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April 5th, 2014, 07:01 PM  #1 
Member Joined: Nov 2013 Posts: 47 Thanks: 4  Transformation of Graphs
Okay, maybe there's something that I'm missing here, but isn't the graph y=abs(x) shifted right 3 units, stretched by a factor of 3, shifted vertically down 2 units, and reflected across the xaxis not equal to y=3abs(x3) 2?

April 5th, 2014, 07:50 PM  #2 
Senior Member Joined: Apr 2014 From: Greater London, England, UK Posts: 320 Thanks: 155 Math Focus: Abstract algebra 
It would be $\displaystyle y=x9+2$. Original graph: $\displaystyle y\,=\,x$ Shift right 3 units: $\displaystyle y\,=\,x3$ Stretched by factor 3: $\displaystyle y\,=\,3\left\frac x3 3\right\,=\,x9$ (NB: When a graph $\displaystyle y=f(x)$ is stretched by a factor $\displaystyle k\ne0$, the equation fo the new graph is $\displaystyle y=kf\left(\frac xk\right)$. You were thinking $\displaystyle y=kf(x)$ – that would be stretching it in the $y$direction only, not $x$.) Down 2 units: $\displaystyle y\,=\,x92$ Reflect in $x$axis: $\displaystyle y\,=\,x9+2$ Last edited by Olinguito; April 5th, 2014 at 07:56 PM. 
April 5th, 2014, 07:56 PM  #3 
Member Joined: Nov 2013 Posts: 47 Thanks: 4 
Perhaps I'm still missing it, but I can't match that to any of the answer choices...

April 5th, 2014, 08:11 PM  #4 
Senior Member Joined: Apr 2014 From: Greater London, England, UK Posts: 320 Thanks: 155 Math Focus: Abstract algebra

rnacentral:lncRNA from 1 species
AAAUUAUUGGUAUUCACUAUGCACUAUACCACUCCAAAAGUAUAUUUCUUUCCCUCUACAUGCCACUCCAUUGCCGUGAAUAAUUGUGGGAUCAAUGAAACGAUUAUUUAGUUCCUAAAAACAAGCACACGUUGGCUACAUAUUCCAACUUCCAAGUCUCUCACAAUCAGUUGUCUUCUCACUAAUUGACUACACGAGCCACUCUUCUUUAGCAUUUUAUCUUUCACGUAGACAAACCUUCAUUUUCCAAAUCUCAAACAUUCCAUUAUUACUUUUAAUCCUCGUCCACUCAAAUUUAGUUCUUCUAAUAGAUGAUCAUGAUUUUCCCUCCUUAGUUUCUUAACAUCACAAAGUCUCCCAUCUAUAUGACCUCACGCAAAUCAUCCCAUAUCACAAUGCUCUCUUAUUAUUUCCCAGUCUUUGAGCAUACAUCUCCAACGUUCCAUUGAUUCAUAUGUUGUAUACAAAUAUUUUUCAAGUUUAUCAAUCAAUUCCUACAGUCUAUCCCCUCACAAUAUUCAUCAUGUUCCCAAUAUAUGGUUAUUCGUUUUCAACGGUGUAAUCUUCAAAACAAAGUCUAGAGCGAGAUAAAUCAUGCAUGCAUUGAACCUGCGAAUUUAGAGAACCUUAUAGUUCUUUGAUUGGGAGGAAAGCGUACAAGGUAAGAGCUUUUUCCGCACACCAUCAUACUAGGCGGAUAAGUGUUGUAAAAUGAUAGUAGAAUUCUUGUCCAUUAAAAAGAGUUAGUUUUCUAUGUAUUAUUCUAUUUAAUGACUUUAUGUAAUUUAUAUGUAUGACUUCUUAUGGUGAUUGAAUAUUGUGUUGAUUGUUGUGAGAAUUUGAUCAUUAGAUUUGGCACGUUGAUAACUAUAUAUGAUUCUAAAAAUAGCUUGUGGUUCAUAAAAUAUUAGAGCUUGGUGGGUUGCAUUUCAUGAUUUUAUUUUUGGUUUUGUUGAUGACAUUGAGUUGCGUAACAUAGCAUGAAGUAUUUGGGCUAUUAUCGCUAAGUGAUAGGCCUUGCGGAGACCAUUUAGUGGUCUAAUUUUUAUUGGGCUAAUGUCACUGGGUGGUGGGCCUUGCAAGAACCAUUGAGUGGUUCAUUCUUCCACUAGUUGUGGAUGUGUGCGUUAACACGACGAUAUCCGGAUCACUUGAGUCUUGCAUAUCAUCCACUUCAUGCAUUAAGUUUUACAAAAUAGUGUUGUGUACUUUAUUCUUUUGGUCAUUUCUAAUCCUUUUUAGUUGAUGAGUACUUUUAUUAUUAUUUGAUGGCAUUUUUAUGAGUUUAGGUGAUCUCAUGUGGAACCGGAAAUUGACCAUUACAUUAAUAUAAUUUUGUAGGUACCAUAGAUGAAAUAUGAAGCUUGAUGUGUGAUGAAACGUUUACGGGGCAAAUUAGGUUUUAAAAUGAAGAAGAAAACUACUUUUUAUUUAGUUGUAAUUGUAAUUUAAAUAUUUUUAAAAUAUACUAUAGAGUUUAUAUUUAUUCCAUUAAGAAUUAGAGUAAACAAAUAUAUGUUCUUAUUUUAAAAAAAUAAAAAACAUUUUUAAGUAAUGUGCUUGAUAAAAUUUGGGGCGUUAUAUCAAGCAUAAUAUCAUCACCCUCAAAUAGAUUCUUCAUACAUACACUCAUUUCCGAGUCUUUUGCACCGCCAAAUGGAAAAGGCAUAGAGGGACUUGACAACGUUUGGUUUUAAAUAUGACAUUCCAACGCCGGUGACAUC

I would say there was something wrong with the question and/or answers. The sequence of transformations maps the origin $(0,0)$ to $(9,2)$. None of the answers gives $y=2$ when you substitute $x=9$. 
April 5th, 2014, 08:18 PM  #5 
Member Joined: Nov 2013 Posts: 47 Thanks: 4 
According to the professor's answer key, the answer is A: (3abs(x3) 2) But that answer doesn't make sense.. Strange. Maybe there is something wrong with this question. 
April 5th, 2014, 08:32 PM  #6 
Math Team Joined: Dec 2013 From: Colombia Posts: 7,445 Thanks: 2499 Math Focus: Mainly analysis and algebra 
Well, if "stretched" is take to mean in the $y$ direction, I'd agree. When you reflect in the $x$axis the turning point should move from (9,2) to (9,2). 
April 6th, 2014, 06:17 AM  #7 
Global Moderator Joined: Dec 2006 Posts: 19,712 Thanks: 1806 
Strictly speaking, the question should specify the stretch properly, including the direction and the fixed point. The fixed point is commonly assumed to be the origin. A stretch in both the x and y directions (i.e., in all directions) from the origin is usually described as a magnification (or there's a precise technical term that I forget for the moment).


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